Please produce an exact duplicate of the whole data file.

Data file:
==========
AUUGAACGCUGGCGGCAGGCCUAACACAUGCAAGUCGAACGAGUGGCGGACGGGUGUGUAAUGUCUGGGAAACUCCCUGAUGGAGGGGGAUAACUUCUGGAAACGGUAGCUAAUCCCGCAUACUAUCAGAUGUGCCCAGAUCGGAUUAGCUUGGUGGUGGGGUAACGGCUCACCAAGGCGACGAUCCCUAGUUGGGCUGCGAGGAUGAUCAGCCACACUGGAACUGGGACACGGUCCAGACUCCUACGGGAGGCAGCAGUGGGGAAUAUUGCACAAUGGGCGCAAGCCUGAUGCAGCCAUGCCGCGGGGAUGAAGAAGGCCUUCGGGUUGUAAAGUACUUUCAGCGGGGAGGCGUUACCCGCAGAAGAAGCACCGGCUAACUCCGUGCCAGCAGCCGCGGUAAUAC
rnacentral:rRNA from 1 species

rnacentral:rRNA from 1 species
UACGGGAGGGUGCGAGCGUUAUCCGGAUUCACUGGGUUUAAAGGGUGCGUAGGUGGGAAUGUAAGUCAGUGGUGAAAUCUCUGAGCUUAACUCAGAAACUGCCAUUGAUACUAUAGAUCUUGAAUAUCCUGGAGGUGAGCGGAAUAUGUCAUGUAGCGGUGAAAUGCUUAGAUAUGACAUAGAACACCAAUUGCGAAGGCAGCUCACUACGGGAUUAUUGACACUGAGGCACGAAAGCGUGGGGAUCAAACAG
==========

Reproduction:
AUUGAACGCUGGCGGCAGGCCUAACACAUGCAAGUCGAACGAGUGGCGGACGGGUGUGUAAUGUCUGGGAAACUCCCUGAUGGAGGGGGAUAACUUCUGGAAACGGUAGCUAAUCCCGCAUACUAUCAGAUGUGCCCAGAUCGGAUUAGCUUGGUGGUGGGGUAACGGCUCACCAAGGCGACGAUCCCUAGUUGGGCUGCGAGGAUGAUCAGCCACACUGGAACUGGGACACGGUCCAGACUCCUACGGGAGGCAGCAGUGGGGAAUAUUGCACAAUGGGCGCAAGCCUGAUGCAGCCAUGCCGCGGGGAUGAAGAAGGCCUUCGGGUUGUAAAGUACUUUCAGCGGGGAGGCGUUACCCGCAGAAGAAGCACCGGCUAACUCCGUGCCAGCAGCCGCGGUAAUAC
rnacentral:rRNA from 1 species

rnacentral:rRNA from 1 species
UACGGGAGGGUGCGAGCGUUAUCCGGAUUCACUGGGUUUAAAGGGUGCGUAGGUGGGAAUGUAAGUCAGUGGUGAAAUCUCUGAGCUUAACUCAGAAACUGCCAUUGAUACUAUAGAUCUUGAAUAUCCUGGAGGUGAGCGGAAUAUGUCAUGUAGCGGUGAAAUGCUUAGAUAUGACAUAGAACACCAAUUGCGAAGGCAGCUCACUACGGGAUUAUUGACACUGAGGCACGAAAGCGUGGGGAUCAAACAG